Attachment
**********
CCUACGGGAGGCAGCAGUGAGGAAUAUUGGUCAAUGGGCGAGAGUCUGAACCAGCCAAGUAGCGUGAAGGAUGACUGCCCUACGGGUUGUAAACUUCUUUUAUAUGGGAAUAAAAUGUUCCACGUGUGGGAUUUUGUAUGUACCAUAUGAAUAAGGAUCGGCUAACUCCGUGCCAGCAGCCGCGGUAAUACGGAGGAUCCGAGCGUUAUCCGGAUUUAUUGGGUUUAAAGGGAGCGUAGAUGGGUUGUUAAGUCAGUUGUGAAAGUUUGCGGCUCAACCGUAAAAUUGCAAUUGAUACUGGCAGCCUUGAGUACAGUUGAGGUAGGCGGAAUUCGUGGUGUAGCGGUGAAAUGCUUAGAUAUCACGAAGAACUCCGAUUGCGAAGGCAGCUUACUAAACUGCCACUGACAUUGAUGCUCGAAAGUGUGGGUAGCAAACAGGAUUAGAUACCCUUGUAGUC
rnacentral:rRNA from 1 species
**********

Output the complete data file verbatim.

CCUACGGGAGGCAGCAGUGAGGAAUAUUGGUCAAUGGGCGAGAGUCUGAACCAGCCAAGUAGCGUGAAGGAUGACUGCCCUACGGGUUGUAAACUUCUUUUAUAUGGGAAUAAAAUGUUCCACGUGUGGGAUUUUGUAUGUACCAUAUGAAUAAGGAUCGGCUAACUCCGUGCCAGCAGCCGCGGUAAUACGGAGGAUCCGAGCGUUAUCCGGAUUUAUUGGGUUUAAAGGGAGCGUAGAUGGGUUGUUAAGUCAGUUGUGAAAGUUUGCGGCUCAACCGUAAAAUUGCAAUUGAUACUGGCAGCCUUGAGUACAGUUGAGGUAGGCGGAAUUCGUGGUGUAGCGGUGAAAUGCUUAGAUAUCACGAAGAACUCCGAUUGCGAAGGCAGCUUACUAAACUGCCACUGACAUUGAUGCUCGAAAGUGUGGGUAGCAAACAGGAUUAGAUACCCUUGUAGUC
rnacentral:rRNA from 1 species